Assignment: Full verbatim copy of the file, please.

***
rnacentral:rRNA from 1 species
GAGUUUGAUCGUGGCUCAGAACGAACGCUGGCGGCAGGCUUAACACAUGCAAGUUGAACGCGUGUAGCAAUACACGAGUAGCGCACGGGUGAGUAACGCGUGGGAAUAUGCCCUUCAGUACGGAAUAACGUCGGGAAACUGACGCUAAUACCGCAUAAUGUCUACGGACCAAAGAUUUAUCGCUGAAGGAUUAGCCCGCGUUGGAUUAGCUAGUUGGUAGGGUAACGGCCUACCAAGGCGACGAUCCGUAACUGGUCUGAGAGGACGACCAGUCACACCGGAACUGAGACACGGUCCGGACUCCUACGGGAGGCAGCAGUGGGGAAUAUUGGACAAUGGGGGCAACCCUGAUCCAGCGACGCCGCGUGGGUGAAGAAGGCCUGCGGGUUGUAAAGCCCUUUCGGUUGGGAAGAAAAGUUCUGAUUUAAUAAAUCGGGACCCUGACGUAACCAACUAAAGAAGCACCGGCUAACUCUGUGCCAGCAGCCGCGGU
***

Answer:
rnacentral:rRNA from 1 species
GAGUUUGAUCGUGGCUCAGAACGAACGCUGGCGGCAGGCUUAACACAUGCAAGUUGAACGCGUGUAGCAAUACACGAGUAGCGCACGGGUGAGUAACGCGUGGGAAUAUGCCCUUCAGUACGGAAUAACGUCGGGAAACUGACGCUAAUACCGCAUAAUGUCUACGGACCAAAGAUUUAUCGCUGAAGGAUUAGCCCGCGUUGGAUUAGCUAGUUGGUAGGGUAACGGCCUACCAAGGCGACGAUCCGUAACUGGUCUGAGAGGACGACCAGUCACACCGGAACUGAGACACGGUCCGGACUCCUACGGGAGGCAGCAGUGGGGAAUAUUGGACAAUGGGGGCAACCCUGAUCCAGCGACGCCGCGUGGGUGAAGAAGGCCUGCGGGUUGUAAAGCCCUUUCGGUUGGGAAGAAAAGUUCUGAUUUAAUAAAUCGGGACCCUGACGUAACCAACUAAAGAAGCACCGGCUAACUCUGUGCCAGCAGCCGCGGU